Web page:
5 Webster's views on the church appear in a long essay, ‘On Evangelical Ecclesiology’, in Confessing God: Essays in Christian Dogmatics II (London: Bloomsbury, 2016), pp. 153–93. This article originally appeared in 2005. He primarily has in mind Catholic, radical orthodox and postliberal theologians (e.g. Ratzinger, Milbank and Jenson, respectively), all of whom, directly or indirectly, draw on De Lubac's reflections on the church and metaphysics of participation. In addition to the specifically theological issues at stake, the implications for ecumenical and political theology are also manifest. How, for instance, can contemporary depictions of the totus Christus account for the sins of the historical church? An understanding of the church as constitutive of Christ's being rather than as the object of Christ's mercy could appear to insinuate creaturely imperfections into divine being. For a similar critique of Augustine's ecclesiology, see Farrow, Douglas, Ascension and Ecclesia: On the Significance of the Doctrine of the Ascension for Ecclesiology and Christian Cosmology (Grand Rapids, MI: William B. Eerdmans, 1999)Google Scholar.

6 Webster, ‘On Evangelical Ecclesiology’, p. 174.

7 Ibid., p. 171.

8 Sermones 341.11 (WSA III/10:26, alt).

9 This is a different approach than the one taken in a recent article by David Moser, who considers Augustine as only one of three sources – along with von Balthasar and Barth – for elucidating the theological grammar of the totus Christus as a response to Protestant objections. See David J. Moser, ‘Totus Christus: A Proposal for Protestant Christology and Ecclesiology’, Pro Ecclesia 29/1 (2020), pp. 3–30; and responses in the same volume from Michael Allen and Kevin Vanhoozer.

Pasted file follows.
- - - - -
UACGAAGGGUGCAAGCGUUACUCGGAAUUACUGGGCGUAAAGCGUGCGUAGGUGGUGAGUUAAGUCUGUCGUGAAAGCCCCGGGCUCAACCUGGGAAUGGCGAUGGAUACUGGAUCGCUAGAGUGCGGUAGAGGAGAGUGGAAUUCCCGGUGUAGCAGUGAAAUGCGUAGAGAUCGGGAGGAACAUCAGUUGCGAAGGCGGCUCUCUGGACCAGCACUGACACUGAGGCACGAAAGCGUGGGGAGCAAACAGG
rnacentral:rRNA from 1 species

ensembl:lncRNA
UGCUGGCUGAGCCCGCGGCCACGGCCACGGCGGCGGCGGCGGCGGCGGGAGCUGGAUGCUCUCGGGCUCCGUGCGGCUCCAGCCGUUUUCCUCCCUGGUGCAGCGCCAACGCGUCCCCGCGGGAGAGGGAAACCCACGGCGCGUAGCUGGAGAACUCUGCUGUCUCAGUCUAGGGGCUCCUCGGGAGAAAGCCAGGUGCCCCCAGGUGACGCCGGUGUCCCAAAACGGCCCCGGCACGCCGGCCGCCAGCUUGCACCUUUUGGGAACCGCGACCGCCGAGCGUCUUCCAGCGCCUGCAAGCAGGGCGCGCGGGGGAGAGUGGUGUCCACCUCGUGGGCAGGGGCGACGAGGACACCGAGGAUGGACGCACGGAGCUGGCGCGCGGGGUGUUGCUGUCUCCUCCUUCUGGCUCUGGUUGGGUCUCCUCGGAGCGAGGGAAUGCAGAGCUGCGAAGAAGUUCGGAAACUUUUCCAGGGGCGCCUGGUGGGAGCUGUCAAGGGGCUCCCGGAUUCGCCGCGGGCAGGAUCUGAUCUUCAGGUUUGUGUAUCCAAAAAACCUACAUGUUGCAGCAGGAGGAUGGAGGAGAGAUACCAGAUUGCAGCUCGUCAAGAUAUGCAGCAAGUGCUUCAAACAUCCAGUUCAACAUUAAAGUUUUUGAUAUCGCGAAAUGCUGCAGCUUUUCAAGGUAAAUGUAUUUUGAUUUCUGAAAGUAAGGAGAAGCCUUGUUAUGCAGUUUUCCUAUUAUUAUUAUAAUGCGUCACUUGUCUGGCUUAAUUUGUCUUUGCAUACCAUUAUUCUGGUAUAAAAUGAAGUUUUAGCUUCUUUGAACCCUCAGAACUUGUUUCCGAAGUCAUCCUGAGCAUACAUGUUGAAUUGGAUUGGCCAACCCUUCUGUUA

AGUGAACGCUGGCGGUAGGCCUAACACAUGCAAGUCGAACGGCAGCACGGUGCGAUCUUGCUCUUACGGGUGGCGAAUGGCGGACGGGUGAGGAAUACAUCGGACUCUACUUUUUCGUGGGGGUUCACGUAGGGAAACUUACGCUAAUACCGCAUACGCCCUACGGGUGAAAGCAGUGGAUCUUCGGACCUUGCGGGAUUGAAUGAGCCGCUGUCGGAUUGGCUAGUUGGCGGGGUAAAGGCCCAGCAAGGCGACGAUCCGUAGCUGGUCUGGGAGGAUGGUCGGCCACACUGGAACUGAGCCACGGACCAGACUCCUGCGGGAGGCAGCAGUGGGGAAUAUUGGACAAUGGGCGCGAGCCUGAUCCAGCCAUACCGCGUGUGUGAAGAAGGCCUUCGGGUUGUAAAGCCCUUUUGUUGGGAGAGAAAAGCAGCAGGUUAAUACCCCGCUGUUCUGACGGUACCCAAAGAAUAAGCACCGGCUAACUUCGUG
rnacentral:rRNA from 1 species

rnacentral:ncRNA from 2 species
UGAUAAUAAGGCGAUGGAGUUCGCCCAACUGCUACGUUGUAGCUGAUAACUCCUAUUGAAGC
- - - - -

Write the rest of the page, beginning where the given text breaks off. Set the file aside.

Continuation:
10 Adam Ployd has noted that the role of participation in Augustine's ecclesiology is one of the most pressing desiderata for future research in his Augustine, the Trinity, and the Church: A Reading of the Anti-Donatist Sermons (Oxford: OUP, 2015), p. 195. More broadly, the doctrine of participation has received considerable attention across a range of theological engagements. For a few recent examples, see Tanner, Kathryn, Christ the Key (Cambridge: CUP, 2010)Google Scholar; Boersma, Hans, Heavenly Participation: The Weaving of a Sacramental Tapestry (Grand Rapids, MI: William B. Eerdmans, 2011)Google Scholar; Pabst, Adrian, Metaphysics: The Creation of Hierarchy (Grand Rapids, MI: William B. Eerdmans, 2012)Google Scholar; Hart, David Bentley, The Experience of God: Being, Consciousness, Bliss (New Haven, CT: Yale University Press, 2013)Google Scholar; Davison, Andrew, Participation in God: A Study in Christian Doctrine and Metaphysics (Cambridge: CUP, 2019)CrossRefGoogle Scholar; Crisp, Oliver, Participation and Atonement: An Analytic and Constructive Account (Grand Rapids, MI: Baker Academic, 2022)Google Scholar.